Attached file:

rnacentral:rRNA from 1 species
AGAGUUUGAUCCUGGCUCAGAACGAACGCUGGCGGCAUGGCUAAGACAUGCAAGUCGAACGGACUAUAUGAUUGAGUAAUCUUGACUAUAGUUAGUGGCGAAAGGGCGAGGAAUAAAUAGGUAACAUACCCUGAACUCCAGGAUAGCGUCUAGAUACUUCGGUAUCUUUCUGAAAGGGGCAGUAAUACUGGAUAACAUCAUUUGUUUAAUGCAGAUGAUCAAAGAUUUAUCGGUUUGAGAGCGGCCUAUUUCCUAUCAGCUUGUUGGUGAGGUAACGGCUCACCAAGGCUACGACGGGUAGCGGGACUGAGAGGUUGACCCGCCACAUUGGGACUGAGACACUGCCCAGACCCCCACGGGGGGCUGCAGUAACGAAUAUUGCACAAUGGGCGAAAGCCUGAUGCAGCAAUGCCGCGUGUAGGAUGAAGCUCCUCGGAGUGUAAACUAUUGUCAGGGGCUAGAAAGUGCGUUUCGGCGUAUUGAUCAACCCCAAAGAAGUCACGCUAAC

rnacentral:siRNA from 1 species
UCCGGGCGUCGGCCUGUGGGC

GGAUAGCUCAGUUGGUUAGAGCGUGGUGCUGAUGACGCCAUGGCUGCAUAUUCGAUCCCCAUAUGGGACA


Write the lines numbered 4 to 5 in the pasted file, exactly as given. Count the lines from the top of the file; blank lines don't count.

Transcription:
UCCGGGCGUCGGCCUGUGGGC

GGAUAGCUCAGUUGGUUAGAGCGUGGUGCUGAUGACGCCAUGGCUGCAUAUUCGAUCCCCAUAUGGGACA